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1 Thessalonians 4


Try not to let your life be filled with restlessness, turmoil, or anxiety. Then Paul says: … mind your own business. That is, don’t always be criticizing other people and interfering in their affairs. Next Paul says: … work with your hands. That means: Earn your living through the labor of your own hands. Perhaps the Thessalonians were surprised at this last piece of advice, because most Greeks, being highly educated, despised working with their hands. They gave such work to their slaves! But Paul says to them: … work with your hands! (see 2 Thessalonians 3:11-12).

When Christians become educated, they too, like the Thessalonians, begin to look down on manual labor, such as farming and crafts. But let this not be. Paul made tents for a living (Acts 18:3). And Jesus Himself spent most of His life as a carpenter (Mark 6:3).

In all things our daily life must win the respect of outsiders—that is, non-believers (verse 12). In all things, our lives must be honorable and praiseworthy. Let us not be people who are lazy, who waste time, who indulge in idle gossip. Rather we must apply ourselves diligently to the work which God has given us to do. We must not always be hoping that someone will help us, or give us a handout. We should not be dependent upon anybody—except God.

13 The Thessalonians had supposed that Christ was going to return again before any of them died. However, a few of the Thessalonian believers had recently died. Therefore, the Thessalonians were perplexed, and wanted to know what was going to happen to those who had died. In this section, Paul gives them the answer to their question.

When Paul mentions those who fall asleep, he is referring to those believers who have died. They will not remain “dead” forever. We Christians have the sure hope and faith that after our earthly bodies die, we shall live again. Therefore, the Thessalonians do not need to have any anxiety about those who have died. They are “sleeping” now, but will soon “wake up.”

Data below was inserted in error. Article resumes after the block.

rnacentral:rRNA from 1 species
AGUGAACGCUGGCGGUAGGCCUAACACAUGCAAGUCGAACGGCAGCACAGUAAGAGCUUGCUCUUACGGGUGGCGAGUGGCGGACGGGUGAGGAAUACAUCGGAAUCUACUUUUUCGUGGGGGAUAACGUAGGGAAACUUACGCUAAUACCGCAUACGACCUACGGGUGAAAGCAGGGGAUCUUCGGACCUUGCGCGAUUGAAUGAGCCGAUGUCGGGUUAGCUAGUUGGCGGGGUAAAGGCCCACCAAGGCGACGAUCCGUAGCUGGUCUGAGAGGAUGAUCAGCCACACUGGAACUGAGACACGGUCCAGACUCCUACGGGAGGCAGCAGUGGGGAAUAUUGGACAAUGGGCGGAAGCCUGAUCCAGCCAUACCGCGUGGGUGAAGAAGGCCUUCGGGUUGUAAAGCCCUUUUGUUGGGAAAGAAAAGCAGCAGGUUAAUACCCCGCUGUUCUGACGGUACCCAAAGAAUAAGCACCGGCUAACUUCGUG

In one sense, then, we don’t need to grieve for believers who die. When we grieve over the death of a fellow believer, we are really grieving over our own loss, and that is natural. But even as we grieve, let our hope of eternal life overcome our grief. Let us rejoice that our loved one is now in Christ’s hands.

14 How do we know that we will be raised? We know, because Christ Himself died and rose again. If Jesus died and rose (and we know that He certainly did rise), then we too, after we die, shall certainly rise again (Romans 8:11; 1 Corinthians 15:1718,20,22-23; 2 Corinthians 4:14).

15 Here and in verse 16, Paul says that when Christ comes again, believers who have fallen asleep (who have died) will rise and be carried into heaven first; then, after them, those who are alive at Christ’s coming will be taken up into heaven. Thus, those who have died will enter heaven first of all; they are at no disadvantage! The Thessalonians don’t need to be anxious about them.

Paul says that what he has written here is according to the Lord’s own word. This is the only place in the New Testament where the Lord’s word on this subject is mentioned.

16 In this verse, Paul briefly describes what will happen at Christ’s second coming (see Mark 13:24-27; John 5:28-29; 1 Corinthians 15:51-52 and comments).

17-18 Those who are alive at Christ’s coming will be caught up and taken to heaven. At that time, those who are living will be joined again with those who have died, and from then on, all believers will live together with the Lord forever. Therefore encourage each other with these words (verse 18).

The New Testament does not tell us in detail what will happen when Christ comes again. In fact, the New Testament contains very little teaching on this subject. We simply do not know all the things that will take place; and it is pointless to speculate and argue about it.

No one knows the day when Christ will come again. But there is one thing we do know, and that is that all believers must always be ready for that day (see Mark 13:3233; 1 Thessalonians 5:1-2 and comments). What will the Lord find us doing when He comes?

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